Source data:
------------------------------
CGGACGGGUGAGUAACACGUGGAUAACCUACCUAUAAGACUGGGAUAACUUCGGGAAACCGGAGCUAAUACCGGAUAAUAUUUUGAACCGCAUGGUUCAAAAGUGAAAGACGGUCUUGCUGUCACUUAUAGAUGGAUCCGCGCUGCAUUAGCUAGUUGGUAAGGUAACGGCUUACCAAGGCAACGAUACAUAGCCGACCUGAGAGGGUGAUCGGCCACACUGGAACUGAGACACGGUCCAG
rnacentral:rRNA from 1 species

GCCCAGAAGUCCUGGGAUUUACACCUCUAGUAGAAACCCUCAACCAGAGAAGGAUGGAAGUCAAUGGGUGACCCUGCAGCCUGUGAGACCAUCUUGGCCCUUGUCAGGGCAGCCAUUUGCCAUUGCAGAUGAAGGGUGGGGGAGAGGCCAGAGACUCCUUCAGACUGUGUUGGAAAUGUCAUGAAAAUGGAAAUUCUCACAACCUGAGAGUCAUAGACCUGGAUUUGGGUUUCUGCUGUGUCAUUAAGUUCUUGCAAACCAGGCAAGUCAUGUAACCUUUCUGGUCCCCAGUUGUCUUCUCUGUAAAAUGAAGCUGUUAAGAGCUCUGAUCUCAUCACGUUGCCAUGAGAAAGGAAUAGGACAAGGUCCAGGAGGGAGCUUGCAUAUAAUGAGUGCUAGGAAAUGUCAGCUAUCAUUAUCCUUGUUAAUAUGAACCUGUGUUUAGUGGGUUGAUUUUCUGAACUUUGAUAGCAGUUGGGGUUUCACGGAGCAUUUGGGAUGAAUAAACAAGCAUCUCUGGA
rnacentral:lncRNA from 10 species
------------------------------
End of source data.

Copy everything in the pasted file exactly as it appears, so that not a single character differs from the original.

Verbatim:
CGGACGGGUGAGUAACACGUGGAUAACCUACCUAUAAGACUGGGAUAACUUCGGGAAACCGGAGCUAAUACCGGAUAAUAUUUUGAACCGCAUGGUUCAAAAGUGAAAGACGGUCUUGCUGUCACUUAUAGAUGGAUCCGCGCUGCAUUAGCUAGUUGGUAAGGUAACGGCUUACCAAGGCAACGAUACAUAGCCGACCUGAGAGGGUGAUCGGCCACACUGGAACUGAGACACGGUCCAG
rnacentral:rRNA from 1 species

GCCCAGAAGUCCUGGGAUUUACACCUCUAGUAGAAACCCUCAACCAGAGAAGGAUGGAAGUCAAUGGGUGACCCUGCAGCCUGUGAGACCAUCUUGGCCCUUGUCAGGGCAGCCAUUUGCCAUUGCAGAUGAAGGGUGGGGGAGAGGCCAGAGACUCCUUCAGACUGUGUUGGAAAUGUCAUGAAAAUGGAAAUUCUCACAACCUGAGAGUCAUAGACCUGGAUUUGGGUUUCUGCUGUGUCAUUAAGUUCUUGCAAACCAGGCAAGUCAUGUAACCUUUCUGGUCCCCAGUUGUCUUCUCUGUAAAAUGAAGCUGUUAAGAGCUCUGAUCUCAUCACGUUGCCAUGAGAAAGGAAUAGGACAAGGUCCAGGAGGGAGCUUGCAUAUAAUGAGUGCUAGGAAAUGUCAGCUAUCAUUAUCCUUGUUAAUAUGAACCUGUGUUUAGUGGGUUGAUUUUCUGAACUUUGAUAGCAGUUGGGGUUUCACGGAGCAUUUGGGAUGAAUAAACAAGCAUCUCUGGA
rnacentral:lncRNA from 10 species